So what’s the big deal? What does all this have to do with stop-loss orders? PFOF is Robinhood’s main revenue stream. So it’s not just about getting trades done fast. It’s about getting as many trades done as possible so the company makes money.
Why You Should Avoid Stop-Loss Orders
A common piece of advice you find on the internet and in investing books is to set stop-losses. In theory, it makes sense. Say you buy a stock at $3.15. You’ve learned rule #1: cut losses quickly. So you set a stop-loss order at roughly 5%, or $3.
Sounds good, right? If the stock drops to $3, your stop-loss order gets triggered and your broker sells. You lose but also lower your risk of bigger losses. In theory…
The Risks of Setting Stop-Loss Orders
There are risks with setting stop-loss orders. And it’s how Robinhood made $90 million in the first quarter selling their order flow.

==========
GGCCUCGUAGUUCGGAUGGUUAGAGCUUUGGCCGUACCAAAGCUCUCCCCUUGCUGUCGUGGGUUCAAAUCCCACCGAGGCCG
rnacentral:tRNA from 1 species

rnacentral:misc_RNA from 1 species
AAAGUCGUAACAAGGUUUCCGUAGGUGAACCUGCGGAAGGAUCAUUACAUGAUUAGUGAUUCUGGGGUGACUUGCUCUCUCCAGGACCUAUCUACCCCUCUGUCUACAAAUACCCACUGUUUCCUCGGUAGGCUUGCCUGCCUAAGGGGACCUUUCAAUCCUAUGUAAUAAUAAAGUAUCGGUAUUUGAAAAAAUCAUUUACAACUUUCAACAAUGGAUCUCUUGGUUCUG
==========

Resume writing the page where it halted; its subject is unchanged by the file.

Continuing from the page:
Newbies Set Stop-Loss Orders in the Same Places
One big problem is that so many newbie traders set stop losses at big round numbers.
Using the previous example, if you set your stop-loss at $3, you’ve joined a lot of traders. Why do so many traders choose the same numbers? Because it’s easy. They look at the chart, see the closest round number, and set their stop-loss there. Who cares if a 5% drop from $3.15 is actually $2.9925?
Also, a lot of traders set their stops at or around obvious support levels. If the stock has strong support at $2.95, you might think, “Oh, everyone will set theirs at $3. I’ll set mine at $2.95. I’m smarter than them.”
Too bad most of the traders who didn’t set their stops at $3 followed your lead and set theirs at $2.95.
So what’s the big deal? I mean, so a bunch of traders with stop-losses get taken out at $3 and a bunch more get taken out at $2.95. Either way, you’ve protected yourself, right? WRONG!
Market Makers Can See Your Stop-Loss Orders
Most newbies place stops that are visible to market makers. So market makers move the stock to the stop-loss levels and take them out. Especially during low volume trading in the middle of the day.